Why a ‘Captain’s Pick’ On Simulcast Streaming will Never Happen

Web simulcast of radio broadcasts is a thorn in the side of two proud industries and the idea that a ‘captain’s pick’ either from Tony Abbott or Malcolm Turnbull would be a popular political move is further evidence that there’s a real misunderstanding of the issue and something that is holding back real progress.

One thing is for certain, paying huge fees for music would be a major impost on the balance sheets of commercial radio around the country. CRA is right to try to protect their turf and get the best deal possible for their stakeholders. That’s their job, right?

Radio has been reasonably successful in keeping the dogs of business model change at bay for a long time. Print media are being decimated. The music industry has been smashed to less than half its size in a decade. The traditional TV model is under attack from online delivery. While a fundamental change to radio’s business model is unwelcome, it won’t be a battle won by government intervention when other industries are being forced to face similar and worse changes head on.

Conversely, PPCA are protecting the rights of copyright holders to get the best value for their product in a difficult market. Let’s be clear—the change here is not being driven by the music industry, its being driven by consumers. Music, radio and consumers had a pretty happy symbiotic relationship that I’m pretty sure two of the three players in the love triangle would be more than happy to go back to. Radio played the music, consumers then bought the music, record companies then produced more music, radio played the music and so the cycle progressed. What’s changed?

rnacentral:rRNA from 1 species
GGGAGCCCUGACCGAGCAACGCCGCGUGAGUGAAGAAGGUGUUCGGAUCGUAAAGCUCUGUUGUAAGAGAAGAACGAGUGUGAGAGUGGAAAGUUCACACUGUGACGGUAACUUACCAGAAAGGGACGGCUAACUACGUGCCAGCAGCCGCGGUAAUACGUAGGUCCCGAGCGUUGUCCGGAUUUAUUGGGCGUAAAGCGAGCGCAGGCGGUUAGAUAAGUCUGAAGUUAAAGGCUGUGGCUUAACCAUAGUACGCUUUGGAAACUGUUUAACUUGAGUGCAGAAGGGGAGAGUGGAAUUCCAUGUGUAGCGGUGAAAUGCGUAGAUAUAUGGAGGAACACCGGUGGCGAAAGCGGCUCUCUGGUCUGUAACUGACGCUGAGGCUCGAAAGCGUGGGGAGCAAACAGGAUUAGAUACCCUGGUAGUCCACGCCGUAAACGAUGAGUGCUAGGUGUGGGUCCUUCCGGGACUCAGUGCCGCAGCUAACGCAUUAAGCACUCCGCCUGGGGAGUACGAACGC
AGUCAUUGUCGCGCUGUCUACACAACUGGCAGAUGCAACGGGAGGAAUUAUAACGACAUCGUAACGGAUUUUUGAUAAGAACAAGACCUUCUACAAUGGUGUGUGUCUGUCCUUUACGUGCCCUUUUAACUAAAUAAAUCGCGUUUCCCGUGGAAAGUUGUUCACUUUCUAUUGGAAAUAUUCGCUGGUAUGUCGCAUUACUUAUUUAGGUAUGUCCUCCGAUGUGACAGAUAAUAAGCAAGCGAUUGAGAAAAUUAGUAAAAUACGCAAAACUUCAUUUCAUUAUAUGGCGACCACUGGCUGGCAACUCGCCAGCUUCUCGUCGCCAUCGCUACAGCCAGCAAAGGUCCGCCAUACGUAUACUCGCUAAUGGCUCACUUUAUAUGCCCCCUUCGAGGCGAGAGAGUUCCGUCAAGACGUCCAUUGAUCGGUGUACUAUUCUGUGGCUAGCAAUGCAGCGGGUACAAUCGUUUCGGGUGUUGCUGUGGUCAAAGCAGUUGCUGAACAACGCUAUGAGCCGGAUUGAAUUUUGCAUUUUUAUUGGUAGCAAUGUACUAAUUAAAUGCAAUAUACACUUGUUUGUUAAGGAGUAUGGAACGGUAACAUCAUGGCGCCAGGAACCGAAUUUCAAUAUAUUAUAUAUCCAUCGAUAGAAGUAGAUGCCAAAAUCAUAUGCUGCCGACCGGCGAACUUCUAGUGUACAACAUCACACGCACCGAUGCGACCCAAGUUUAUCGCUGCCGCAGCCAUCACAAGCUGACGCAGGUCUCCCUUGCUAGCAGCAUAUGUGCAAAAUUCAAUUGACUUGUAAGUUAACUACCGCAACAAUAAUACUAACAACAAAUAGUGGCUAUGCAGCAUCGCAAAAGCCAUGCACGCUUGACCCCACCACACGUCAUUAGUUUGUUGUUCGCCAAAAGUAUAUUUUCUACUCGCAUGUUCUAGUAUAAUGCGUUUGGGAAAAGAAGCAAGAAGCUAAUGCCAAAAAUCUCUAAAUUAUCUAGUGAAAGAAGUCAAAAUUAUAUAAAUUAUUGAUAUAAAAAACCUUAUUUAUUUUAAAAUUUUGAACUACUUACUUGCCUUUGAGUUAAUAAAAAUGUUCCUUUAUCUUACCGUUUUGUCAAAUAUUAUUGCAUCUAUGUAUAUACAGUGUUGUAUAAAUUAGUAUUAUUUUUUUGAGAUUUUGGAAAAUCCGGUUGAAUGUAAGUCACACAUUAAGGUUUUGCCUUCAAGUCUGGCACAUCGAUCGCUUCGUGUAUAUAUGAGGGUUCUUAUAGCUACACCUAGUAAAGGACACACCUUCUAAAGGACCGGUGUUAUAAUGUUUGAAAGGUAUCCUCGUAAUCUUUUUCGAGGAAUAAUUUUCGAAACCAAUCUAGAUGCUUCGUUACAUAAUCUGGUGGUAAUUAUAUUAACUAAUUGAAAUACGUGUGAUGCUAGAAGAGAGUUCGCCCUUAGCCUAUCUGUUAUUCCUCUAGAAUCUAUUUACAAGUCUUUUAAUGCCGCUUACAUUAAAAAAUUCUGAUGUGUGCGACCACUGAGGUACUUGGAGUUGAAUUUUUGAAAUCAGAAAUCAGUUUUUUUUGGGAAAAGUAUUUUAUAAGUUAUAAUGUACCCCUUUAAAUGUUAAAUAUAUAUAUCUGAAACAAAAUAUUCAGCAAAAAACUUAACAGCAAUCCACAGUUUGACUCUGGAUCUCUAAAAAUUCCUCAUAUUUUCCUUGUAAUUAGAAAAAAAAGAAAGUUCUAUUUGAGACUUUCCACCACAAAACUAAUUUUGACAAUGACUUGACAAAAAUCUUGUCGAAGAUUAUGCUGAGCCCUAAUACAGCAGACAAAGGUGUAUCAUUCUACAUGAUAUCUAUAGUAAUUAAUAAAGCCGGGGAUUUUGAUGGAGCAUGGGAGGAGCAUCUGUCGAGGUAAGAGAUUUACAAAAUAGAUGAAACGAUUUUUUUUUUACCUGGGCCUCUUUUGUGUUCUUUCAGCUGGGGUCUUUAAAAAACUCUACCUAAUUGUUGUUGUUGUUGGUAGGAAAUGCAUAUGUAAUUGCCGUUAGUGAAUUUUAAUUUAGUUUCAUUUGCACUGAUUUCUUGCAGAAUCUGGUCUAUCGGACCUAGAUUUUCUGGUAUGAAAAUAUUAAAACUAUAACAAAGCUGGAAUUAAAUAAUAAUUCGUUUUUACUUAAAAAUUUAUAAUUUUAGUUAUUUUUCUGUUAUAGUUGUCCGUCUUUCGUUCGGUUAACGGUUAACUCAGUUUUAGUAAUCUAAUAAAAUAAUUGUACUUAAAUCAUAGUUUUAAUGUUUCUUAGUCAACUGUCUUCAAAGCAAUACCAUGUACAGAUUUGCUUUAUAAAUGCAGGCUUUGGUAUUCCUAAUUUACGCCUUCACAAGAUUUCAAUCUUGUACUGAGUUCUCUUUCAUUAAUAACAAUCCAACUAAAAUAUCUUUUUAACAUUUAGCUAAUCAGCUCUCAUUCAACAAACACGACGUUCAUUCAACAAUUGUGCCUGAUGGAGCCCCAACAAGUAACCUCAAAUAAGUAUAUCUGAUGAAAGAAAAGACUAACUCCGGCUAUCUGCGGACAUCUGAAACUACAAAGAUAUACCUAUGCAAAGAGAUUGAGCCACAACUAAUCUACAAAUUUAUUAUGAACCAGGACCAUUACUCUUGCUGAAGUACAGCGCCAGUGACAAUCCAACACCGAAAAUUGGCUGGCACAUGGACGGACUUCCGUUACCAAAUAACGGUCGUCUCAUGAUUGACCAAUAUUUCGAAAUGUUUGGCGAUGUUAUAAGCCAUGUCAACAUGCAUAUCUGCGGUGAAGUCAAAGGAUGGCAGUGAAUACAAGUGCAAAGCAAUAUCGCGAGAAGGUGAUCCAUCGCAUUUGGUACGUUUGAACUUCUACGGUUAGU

Consumers decided that ownership of music was not the way forward in the 21st century. Radio and music didn’t change the rules. The consumers did. Consumers have voted with their feet—they want to consume music, not to own it, so just as printer companies have to make money out of consumption (toner), not hardware (printers), the music industry has been forced to change its model so that it’s making money from consumption (streaming/sync/public performance), not hardware (CDs).

It’s based on consumer demand and as we’ve seen around the world, consumers are happy to pay for Spotify subscriptions. They are happy to listen to ads on Pandora. They are happy (well maybe happy is the wrong word) to watch a pre-roll ad on YouTube. But they increasingly don’t want to pay money to own a song, therefore the old value chain no longer applies.

The music industry can either evolve their model or die and to evolve they need to be able to set a price on their content in new online markets to move the revenue model to what consumers are demanding.